There’s a quick flick of the wrist — a natural rhythmic motion one falls into when one is comfortable with a knife. The motion allows you to flick unnecessary bits out of the way so you can keep on task. So you can maintain the forward motion of cooking.
I was looking out the back window, the butcher block and the men, silhouetted in the doorway of the garage, when I saw Rob’s practiced flick. “There goes the head,” I said to Allie, who was with me in the comfort of the kitchen while the menfolk did their work outside.
Allie and I, and I guess the baby who was due last week so technically should be here, were cleaning up after an impromptu dinner I threw together once I realized everyone was coming over at 7:30 on a Friday — a time generally accepted as “dinner” if you are a Midwesterner.
Not ironically, I served chicken.
I served it in a dish I refer to as “Last Minute Chicken” because it is something I can cook without thinking and serve looking like I had been. It’s from Casa Moro. They call it “Chicken Fatee with Rice, Crispbread and Yoghurt.”
The awesome part of Last Minute Chicken is that you can cook the components ahead a bit and then just dump it all together at the last minute. Clove-scented roasted chicken, cinnamon and garlicky tomato sauce, cinnamon-scented rice with sauteed onion and chickpeas, sauteed eggplant, a tossing in of crispbread in the bottom of the bowl, and drizzle of some garlicky yogurt on top. Oh, and a topping of roasted nuts. They specify pine nuts, I tend to use what I have, which is mostly Marcona almonds.
Unless it is bitterly cold, if I am going to serve a “one-pot” meal, I tend to prefer a dish with distinction in its parts. It offers textural variation that can make it feel like a complete meal itself, rather than just a bowl of something to eat because it is dinnertime.
That said, I forgot to pour the chicken juices over the crispbread so, unfortunately, it hadn’t soak up the juices when we all had started eating it. Note to all: this is an important step! Miss it and your guests could, in fact, start ribbing you for putting bagel chips in your dish. It’s embarrassing and, without the bonding opportunities of the Fall harvest wrapped into the evening, could in fact leave a scar.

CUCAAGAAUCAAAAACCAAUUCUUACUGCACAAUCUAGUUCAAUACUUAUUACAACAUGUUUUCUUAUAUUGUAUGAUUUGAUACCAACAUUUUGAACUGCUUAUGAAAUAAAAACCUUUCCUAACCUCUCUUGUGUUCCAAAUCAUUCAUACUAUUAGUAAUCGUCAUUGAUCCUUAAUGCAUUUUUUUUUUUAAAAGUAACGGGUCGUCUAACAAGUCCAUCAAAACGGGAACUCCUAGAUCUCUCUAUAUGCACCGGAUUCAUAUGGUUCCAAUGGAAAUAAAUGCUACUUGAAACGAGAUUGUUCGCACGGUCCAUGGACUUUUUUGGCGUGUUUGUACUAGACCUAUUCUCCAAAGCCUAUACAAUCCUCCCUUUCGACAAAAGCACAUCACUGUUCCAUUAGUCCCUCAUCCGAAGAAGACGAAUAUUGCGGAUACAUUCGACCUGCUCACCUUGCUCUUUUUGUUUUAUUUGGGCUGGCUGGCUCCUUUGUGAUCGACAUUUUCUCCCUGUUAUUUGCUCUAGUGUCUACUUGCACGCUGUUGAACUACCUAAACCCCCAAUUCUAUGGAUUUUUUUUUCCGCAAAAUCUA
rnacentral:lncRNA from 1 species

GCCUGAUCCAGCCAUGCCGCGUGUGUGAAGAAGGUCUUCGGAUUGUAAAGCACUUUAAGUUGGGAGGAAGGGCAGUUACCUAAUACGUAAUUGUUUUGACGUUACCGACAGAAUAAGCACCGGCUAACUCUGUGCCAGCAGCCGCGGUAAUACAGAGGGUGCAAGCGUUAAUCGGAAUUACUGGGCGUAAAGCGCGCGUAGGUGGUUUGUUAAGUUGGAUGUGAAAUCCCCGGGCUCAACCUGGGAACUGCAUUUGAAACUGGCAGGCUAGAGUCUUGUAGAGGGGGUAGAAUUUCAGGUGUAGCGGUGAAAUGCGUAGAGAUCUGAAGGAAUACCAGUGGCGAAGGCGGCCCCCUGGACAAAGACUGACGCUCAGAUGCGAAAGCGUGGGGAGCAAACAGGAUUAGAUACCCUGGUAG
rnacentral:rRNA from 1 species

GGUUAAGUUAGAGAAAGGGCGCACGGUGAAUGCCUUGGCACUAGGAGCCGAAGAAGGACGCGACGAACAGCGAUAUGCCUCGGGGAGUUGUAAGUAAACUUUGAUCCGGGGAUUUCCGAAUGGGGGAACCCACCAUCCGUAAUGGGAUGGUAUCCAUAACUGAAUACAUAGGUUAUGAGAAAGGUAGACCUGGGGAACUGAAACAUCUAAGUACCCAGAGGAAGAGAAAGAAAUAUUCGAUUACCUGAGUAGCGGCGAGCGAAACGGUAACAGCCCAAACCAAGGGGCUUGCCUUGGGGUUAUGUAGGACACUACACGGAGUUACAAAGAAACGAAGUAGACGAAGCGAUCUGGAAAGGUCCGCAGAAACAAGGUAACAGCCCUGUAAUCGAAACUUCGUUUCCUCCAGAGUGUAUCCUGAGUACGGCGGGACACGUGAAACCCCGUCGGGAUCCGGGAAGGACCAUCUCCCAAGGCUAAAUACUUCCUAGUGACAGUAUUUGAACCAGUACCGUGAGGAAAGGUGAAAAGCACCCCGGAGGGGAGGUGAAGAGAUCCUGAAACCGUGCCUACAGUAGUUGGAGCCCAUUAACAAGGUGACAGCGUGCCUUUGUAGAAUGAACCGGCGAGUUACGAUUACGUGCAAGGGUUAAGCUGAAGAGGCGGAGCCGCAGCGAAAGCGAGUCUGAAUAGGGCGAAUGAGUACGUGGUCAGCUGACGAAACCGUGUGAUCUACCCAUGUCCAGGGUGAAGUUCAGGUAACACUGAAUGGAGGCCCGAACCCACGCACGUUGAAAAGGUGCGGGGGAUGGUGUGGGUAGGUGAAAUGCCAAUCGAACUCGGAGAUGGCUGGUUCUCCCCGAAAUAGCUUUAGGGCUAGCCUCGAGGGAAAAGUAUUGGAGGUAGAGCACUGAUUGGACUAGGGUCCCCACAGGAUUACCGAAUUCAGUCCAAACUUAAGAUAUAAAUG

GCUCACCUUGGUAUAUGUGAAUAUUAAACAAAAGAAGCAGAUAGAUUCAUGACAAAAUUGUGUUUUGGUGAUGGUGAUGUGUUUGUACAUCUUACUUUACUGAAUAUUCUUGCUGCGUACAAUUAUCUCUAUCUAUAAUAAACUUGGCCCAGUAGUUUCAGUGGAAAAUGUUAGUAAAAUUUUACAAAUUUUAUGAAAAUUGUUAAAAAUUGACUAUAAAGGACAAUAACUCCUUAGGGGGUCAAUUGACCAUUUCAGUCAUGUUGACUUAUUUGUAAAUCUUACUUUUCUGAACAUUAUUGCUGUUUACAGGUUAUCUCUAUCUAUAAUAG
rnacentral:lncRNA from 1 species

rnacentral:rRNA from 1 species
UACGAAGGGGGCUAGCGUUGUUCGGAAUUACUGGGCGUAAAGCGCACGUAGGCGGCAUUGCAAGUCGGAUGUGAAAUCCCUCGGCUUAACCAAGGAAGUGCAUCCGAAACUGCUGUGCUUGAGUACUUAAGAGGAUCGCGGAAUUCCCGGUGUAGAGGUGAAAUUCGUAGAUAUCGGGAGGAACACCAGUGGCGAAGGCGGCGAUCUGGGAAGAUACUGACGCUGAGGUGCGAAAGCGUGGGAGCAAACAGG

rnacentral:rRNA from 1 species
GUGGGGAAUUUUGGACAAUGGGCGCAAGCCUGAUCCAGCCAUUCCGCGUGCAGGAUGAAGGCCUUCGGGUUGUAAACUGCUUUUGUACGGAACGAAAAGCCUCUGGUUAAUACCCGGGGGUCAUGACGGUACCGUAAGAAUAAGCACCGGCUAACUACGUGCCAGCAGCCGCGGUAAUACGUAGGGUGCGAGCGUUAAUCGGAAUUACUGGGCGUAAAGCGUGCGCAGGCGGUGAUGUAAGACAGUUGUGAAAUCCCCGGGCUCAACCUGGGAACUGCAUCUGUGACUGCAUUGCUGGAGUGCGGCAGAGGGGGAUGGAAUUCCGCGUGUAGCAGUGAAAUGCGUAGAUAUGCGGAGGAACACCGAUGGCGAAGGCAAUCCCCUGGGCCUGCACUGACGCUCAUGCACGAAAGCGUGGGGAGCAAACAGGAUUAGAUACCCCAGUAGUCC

Thankfully, Rob was about to pull a drippy mass of unformed egg goo out of the butt-end of Pot Pie. Despite his meaty life, the experience seemed enough to distract his brain from what he demanded were bagel chips. I live in a Middle Eastern neighborhood, for the love of all things holy, I can get my hands on various crackery breads at the corner store.
I guess I am scarred.
But at least I was not also scarred by the evening’s main activity, Pot Pie.
Indeed, it was a much different affair to have a butcher on-hand to navigate the way through the chicken. When I think back to that first night Friend X and I had together, all I see flashbacks I would very much like to forget. It was awkward and fumbling and, in fact, seemed very much more like teen sex than two consenting adults, carrying out a one of nature’s most natural acts.
When I think back on last night, the whole is something I’ll want to remember.
Mostly because the evening was really a glimpse into the community that can develop when food is honest.
Food is nourishment. Our very connection to the world around us — the earth and its flora and fauna — it is the nourishment of soul, the nourishment of friendship, the nourishment of body and the nourishment of humanity. In fact, when I think of the spiritual link that ties us all together — what you might think of as a higher power or a God — I think of the cycle of food and how it can enrich my days.
To me, it is that reverent.
It is why I choose to buy food grown by people I know — they become my congregation with whom I share values and beliefs. And why I choose to start with the raw ingredients of life when I cook — it is how I seek to understand the mysteries of my faith.
And it is why I appreciate the shared experience of a Fall Harvest, because my compatriots and I are practicing a ritual that connects us to one another in the most honest, and nourishing, of ways.
Pot Pie was one of the original chickens to come to my homestead. There were three and of them now there are none. I am sad, although I never much liked her and she seemed never to like me. She is being donated to a dinner this week, I think for a stew.
There are four chickens left: En Croute, who is my favorite because she is charming and loving; Mrs. Leghorn, who is standoffish at best; and Dumpling II, 1 and 2, who seem at once feisty and shy because I can’t ever tell them apart so their divergent personalities simply merge.
They will be joined by three chicks being picked up tomorrow. And hopefully, soon, by rabbits if we ever get around to building the hutch. No one so much as brought up bees this year. I don’t know why though I imagine because the work of the vegetables can often seem like quite enough, thank you very much.
I wish this life, this opportunity to connect with the natural world so intimately, for everyone. I am sad when I realize so few even know what they are missing.